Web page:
The precursor to my grumblebum weekend I was feeling criticised. Fortunately, I’ve trained my partner Mikey so well that he knows my behavior is never about him and always a reflection of my internal state. On that morning, when Mikey offered up some business advice, my brain interpreted that as “You’re not doing enough.”
Mikey: “It doesn’t matter what I say to you today, you’re going to find some way to twist it around. I’m just going to shut my mouth and no matter what you say I’m just going to respond with “Thatta girl. You’re brilliant. I love you. You can do anything.”
Of course that just incited me even more. I did my best to provoke him and prod him into joining my pity party. But he stuck to it. For the next hour regardless of what I said or whatever sarcastic remark I made, Mikey simply responded with “Thatta girl. You’re brilliant. I love you. You can do anything.”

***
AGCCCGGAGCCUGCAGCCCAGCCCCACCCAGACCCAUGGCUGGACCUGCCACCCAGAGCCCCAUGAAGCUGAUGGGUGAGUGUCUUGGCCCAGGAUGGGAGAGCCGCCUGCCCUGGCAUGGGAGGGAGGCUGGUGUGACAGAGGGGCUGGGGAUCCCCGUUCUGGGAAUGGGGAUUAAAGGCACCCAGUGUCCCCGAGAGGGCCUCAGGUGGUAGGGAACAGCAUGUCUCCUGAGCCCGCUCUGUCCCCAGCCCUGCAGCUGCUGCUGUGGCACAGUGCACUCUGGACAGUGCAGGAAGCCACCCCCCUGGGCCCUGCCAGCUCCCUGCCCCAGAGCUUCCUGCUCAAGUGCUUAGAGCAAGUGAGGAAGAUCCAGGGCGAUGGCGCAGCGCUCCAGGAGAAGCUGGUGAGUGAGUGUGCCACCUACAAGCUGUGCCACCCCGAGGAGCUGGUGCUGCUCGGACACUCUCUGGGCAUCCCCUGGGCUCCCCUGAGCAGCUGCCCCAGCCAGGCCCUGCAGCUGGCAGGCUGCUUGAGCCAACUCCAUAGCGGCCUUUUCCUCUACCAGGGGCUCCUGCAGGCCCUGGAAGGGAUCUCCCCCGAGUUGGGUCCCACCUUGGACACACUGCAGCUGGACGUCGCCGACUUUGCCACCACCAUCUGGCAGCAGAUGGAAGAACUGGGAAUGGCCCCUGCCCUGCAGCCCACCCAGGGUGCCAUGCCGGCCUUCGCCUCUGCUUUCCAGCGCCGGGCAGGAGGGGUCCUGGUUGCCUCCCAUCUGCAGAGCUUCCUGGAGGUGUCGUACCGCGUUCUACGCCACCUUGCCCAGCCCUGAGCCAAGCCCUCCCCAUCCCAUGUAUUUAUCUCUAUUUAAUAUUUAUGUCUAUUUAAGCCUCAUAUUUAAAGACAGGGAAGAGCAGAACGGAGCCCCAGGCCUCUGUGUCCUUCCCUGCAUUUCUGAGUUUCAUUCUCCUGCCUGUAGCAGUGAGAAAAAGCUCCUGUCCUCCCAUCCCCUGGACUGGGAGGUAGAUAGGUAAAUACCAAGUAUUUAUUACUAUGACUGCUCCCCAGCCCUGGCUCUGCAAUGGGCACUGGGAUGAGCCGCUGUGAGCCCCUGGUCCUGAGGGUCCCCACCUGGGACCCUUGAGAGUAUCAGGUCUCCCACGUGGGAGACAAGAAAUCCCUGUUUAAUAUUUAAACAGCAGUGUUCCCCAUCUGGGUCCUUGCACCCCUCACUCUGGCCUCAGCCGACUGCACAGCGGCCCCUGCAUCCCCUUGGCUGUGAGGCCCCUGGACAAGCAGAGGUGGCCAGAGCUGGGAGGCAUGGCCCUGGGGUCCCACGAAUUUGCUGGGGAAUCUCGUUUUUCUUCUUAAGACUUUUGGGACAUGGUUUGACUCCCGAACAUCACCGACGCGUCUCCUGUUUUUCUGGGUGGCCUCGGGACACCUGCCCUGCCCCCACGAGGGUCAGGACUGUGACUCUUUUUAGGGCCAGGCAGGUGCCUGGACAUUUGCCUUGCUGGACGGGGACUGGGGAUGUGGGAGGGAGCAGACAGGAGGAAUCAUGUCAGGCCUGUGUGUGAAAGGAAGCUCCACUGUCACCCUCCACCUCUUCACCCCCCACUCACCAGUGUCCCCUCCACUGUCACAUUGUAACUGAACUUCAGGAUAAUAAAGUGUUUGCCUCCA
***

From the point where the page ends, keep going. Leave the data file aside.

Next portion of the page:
And hearing him say that to me a few times brought about some emotion. It was the call to attention I needed to get me to notice what had been happening in my internal dialogue. Rather than speaking kindly and lovingly and praising myself for effort and progress, I had become critical and chastising. And it was such stark contrast from the self talk that’s typically present (which, interestingly enough, is very similar to “Thatta girl. You’re brilliant. I love you. You can do anything.”) that it shook me back home to me.
When I apologised for him having to bear the brunt of me feeling disgruntled, he reminded me that I’m adorable even when I’m annoyed and projecting. What a difference it makes when you look though the eyes of love, eh?
I’ve been observing how often I hear the term “beautiful soul” and I’ve been reflecting on that this morning. I reckon we all have a beautiful soul. Seriously, have you ever met anyone that didn’t? It’s our human psyches that can mask it (through judgement), so we can’t always perceive it.